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Author Topic: GIOMH redux  (Read 2728 times)
Pablo.
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« on: December 26, 2017, 05:47:35 PM »

I've been thinking about bringing back this album as a topic for the last couple of months. Since another thread is covering Brian's work on L.A and other 70s stuff., I can't help but keep thinking how little we know about the sessions for this album.

What we know about GIOMH:

-Album released as part of the BWPS deal with Warner (BWPS to Nonesuch, GIOMH to Rhino)

-part of the title song backing track dates from the post-Imagination sessions with Joe Thomas (the same sessions, now I presume, were the songwriting genesis for some of the songs on TWGMTR and maybe NPP. How could we still be dancing definitely dates from that era)

-Most of the backing tracks for Soul Searchin' and Saturday Morning in the city come from the Paley sessions.

-The only new tune (as far as we know) is A friend like you.

-According to a Mark Linnett interview for Ear Candy, there were several more songs which eventually ended as outtakes.

-Desert Drive was recorded before the rest of the main album sessions, that's why Brian's band handle the background vocals.

What we assume (from the aural evidence):

at least at different moments, Brian was uninterested,  according to his vocals on You touched me (intro) or the slurring "Ever afterrrrrr" on Fairy Tale.


I still like the album, mind you, but I can't believe how little we know about it. I mean, everybody assumes that Brian didn't pick up the tracks (at least the ones who made the album), and some people have mentioned that his band built the backing tracks from Brian's piano demos.

Since all the press Brian did that year was directed to BWPS, there's almost no mention of the making of the album in print (even Peter Amis Carlin deals with it in one or two sentences).

I'm not writing this to start a reappraisal/discussion for the album, but to try to gather some hard facts about it.

Anybody got some extra info to share? Thanks

« Last Edit: December 26, 2017, 06:28:26 PM by Pablo. » Logged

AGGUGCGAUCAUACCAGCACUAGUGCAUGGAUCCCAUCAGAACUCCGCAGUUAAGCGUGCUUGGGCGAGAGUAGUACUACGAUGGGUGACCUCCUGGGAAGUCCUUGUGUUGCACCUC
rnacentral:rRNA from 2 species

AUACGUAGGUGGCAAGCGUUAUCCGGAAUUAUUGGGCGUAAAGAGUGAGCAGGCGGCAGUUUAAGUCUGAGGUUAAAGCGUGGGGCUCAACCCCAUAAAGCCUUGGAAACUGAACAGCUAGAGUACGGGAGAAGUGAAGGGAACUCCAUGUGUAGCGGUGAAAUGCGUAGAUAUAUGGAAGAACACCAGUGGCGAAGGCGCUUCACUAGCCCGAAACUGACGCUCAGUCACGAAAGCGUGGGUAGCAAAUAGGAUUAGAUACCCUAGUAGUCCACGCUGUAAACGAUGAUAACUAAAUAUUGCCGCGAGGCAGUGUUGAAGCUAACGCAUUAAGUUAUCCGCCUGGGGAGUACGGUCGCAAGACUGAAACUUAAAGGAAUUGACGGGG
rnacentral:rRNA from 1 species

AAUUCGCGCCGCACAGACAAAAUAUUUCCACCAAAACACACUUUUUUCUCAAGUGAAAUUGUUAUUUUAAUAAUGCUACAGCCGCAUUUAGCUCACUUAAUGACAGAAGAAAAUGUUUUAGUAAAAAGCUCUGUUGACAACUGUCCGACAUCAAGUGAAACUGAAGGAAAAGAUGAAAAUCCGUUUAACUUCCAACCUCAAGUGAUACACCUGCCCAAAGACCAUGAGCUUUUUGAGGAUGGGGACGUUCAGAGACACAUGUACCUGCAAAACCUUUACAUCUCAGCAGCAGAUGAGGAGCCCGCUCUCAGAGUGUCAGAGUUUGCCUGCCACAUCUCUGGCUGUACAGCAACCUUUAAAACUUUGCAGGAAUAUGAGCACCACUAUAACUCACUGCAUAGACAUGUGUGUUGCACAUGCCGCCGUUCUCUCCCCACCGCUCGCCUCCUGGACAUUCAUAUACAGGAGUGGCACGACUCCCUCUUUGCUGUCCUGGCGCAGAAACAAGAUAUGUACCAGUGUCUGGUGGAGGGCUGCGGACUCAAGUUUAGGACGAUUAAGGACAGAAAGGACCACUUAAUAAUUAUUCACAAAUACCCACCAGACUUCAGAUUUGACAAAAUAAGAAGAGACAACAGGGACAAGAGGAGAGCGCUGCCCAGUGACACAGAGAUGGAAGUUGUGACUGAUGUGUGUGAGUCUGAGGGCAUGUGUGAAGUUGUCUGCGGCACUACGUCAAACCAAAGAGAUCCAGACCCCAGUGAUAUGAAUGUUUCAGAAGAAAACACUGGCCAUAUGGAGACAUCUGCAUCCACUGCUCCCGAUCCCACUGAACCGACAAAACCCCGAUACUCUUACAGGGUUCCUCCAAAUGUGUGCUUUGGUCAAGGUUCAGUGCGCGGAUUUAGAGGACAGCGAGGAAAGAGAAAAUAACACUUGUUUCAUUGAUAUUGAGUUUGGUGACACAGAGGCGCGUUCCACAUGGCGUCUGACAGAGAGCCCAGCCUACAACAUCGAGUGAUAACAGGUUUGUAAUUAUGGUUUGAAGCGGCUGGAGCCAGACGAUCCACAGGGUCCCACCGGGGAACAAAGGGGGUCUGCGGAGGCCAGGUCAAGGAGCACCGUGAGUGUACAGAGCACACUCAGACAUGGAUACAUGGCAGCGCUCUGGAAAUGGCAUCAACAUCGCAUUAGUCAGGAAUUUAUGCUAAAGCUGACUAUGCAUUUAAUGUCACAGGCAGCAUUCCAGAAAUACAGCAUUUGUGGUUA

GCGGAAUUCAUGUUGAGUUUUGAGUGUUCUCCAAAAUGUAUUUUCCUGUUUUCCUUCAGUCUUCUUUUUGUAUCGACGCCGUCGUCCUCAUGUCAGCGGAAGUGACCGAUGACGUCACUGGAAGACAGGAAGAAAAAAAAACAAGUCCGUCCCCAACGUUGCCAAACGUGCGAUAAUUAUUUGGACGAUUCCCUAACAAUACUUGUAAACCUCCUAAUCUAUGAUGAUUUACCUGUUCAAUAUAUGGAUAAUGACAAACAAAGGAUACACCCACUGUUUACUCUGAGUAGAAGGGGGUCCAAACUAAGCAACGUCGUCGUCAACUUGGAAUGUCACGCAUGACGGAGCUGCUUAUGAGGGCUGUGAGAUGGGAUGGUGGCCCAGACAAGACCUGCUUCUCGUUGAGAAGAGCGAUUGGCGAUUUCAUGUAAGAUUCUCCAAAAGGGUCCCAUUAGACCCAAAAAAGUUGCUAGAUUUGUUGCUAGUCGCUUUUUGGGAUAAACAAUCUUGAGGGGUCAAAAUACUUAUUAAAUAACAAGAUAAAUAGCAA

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« Reply #1 on: December 26, 2017, 06:07:33 PM »

Good topic!

From what I can gather, Desert Drive was recorded in 2002 along with (supposedly) two other songs. I have no idea what those two songs were.  Rest of the album was recorded in 2003 to my knowledge
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« Reply #2 on: December 26, 2017, 06:24:50 PM »

Yes, that's why DD has Foskett, Darian, Scott et al on backgrounds (I added this to my original post). And they also played it live even before (I think?) 2002. Of course, there's an instrumental take on the Paley tapes.
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« Reply #3 on: December 26, 2017, 08:48:33 PM »

Why don't we gather information of the origin of the songs:
How Could We Still Be Dancin' -"Dancin' the Night Away", co-written with Andy Paley and recorded with Carl and Mike on Mar. 3, 1995

Soul Searchin' - co-written with Andy, recorded with the BB except Bruce on Nov. 7-8, 1995

You've Touched Me - "Turning Point a.k.a. So Long", co-written with Gary Usher and worked on during Jun 29-Jul 16, 1986.

Gettin' in Over My Head - co-written and worked on with Andy circa 1995, later reworked with Joe Thomas circa 1998.

City Blues- worked on with Dennis circa 1982, during "Cocaine Sessions".

Desert Drive- co-written Andy and worked on Oct 29, 1994

A Friend Like You- new track written with Steven Kalinich

Make a Wish- a "Sweet Insanity" track, which was co-written with Landy and recorded circa 1990.

Rainbow Eyes- same as above

Saturday Morning in the City -co-written wiwh Andy and first worked on during "Brian Wilson" sessions, later reworked on with Andy circa 1995.

Fairy Tale -"Save the Day", a SI track co-written with Landy

Don't Let Her Know She's An Angel -same as above, but demoed early in 80's

The Waltz -"Let's Stick Together,", same as above, but worked on with "Weird" Al Yancovic.
 

This is only AFAIK so correction please.
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« Reply #4 on: December 26, 2017, 09:09:44 PM »

For what it's worth, I attended a record signing that Brian did for this album. It was at Tower Records in Sherman Oaks, and I have some pics.

Brian walked in wearing Adidas-style sweatpants, super casual, and they definitely did a good deal to promote this record. There was a giant standee cardboard cutout of the album cover by Brian.

But I don't think it's nearly as bad as the rep it has. It almost seems to be treated as the Summer in Paradise of Brian's catalog.  It's not great, but it undoubtedly has some great parts to it.